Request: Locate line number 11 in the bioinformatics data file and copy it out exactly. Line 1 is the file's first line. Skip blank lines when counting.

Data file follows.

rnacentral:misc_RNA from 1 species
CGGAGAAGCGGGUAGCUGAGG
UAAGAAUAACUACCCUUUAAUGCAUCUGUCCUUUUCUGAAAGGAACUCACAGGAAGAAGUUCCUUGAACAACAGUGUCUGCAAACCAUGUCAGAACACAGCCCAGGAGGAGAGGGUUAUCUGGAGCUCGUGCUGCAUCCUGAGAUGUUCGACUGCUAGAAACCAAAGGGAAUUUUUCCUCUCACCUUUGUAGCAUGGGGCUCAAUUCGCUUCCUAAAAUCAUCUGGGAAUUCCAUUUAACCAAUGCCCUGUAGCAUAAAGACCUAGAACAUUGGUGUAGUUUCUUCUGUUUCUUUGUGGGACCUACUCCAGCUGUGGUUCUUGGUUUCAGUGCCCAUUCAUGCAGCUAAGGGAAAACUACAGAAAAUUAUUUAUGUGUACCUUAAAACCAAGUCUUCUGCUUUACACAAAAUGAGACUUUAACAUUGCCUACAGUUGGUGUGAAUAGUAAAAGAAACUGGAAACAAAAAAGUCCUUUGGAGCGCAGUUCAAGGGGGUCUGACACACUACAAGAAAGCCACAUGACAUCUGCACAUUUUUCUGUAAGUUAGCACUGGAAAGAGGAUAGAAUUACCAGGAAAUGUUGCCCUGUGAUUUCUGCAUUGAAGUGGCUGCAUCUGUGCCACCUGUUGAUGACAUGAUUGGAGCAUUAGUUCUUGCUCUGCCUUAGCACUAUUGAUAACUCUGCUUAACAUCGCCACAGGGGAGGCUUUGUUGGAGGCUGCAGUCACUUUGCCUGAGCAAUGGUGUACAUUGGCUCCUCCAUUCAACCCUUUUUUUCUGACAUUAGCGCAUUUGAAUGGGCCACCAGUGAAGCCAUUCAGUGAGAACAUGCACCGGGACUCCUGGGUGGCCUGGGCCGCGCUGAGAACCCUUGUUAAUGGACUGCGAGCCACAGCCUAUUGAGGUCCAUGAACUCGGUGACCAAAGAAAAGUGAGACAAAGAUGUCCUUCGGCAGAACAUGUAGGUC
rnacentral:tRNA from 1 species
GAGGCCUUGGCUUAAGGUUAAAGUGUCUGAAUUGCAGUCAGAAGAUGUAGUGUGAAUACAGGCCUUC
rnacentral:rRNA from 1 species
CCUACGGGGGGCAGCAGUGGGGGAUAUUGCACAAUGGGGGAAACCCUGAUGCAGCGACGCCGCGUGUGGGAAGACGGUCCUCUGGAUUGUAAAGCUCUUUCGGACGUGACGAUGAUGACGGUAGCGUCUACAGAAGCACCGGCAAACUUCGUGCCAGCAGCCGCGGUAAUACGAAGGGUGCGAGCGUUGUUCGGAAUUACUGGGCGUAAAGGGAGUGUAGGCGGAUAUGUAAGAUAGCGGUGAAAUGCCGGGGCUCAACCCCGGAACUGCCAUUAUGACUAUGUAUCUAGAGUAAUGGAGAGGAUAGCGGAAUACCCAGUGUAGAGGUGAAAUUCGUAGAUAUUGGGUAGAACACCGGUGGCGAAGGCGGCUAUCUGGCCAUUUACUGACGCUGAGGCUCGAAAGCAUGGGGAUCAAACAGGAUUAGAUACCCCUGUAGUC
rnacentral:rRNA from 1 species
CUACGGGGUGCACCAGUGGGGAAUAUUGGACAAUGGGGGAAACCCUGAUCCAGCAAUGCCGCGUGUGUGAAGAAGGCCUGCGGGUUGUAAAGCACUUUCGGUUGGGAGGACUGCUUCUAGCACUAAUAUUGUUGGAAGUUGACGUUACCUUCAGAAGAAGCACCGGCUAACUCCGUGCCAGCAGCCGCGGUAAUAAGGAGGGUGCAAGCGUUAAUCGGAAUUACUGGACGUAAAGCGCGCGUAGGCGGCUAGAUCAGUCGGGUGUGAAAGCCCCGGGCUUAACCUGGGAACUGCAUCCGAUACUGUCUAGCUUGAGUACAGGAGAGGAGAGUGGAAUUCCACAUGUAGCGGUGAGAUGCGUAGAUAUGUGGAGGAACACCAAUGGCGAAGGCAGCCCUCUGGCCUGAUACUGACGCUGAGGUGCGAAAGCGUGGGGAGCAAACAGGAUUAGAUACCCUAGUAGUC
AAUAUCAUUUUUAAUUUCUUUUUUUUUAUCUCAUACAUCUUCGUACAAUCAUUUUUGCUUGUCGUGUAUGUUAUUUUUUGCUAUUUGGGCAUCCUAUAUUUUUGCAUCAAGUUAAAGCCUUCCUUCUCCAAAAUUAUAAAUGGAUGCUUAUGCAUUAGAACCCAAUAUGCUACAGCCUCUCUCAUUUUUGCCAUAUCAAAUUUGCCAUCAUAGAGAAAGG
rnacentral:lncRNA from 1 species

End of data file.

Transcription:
rnacentral:lncRNA from 1 species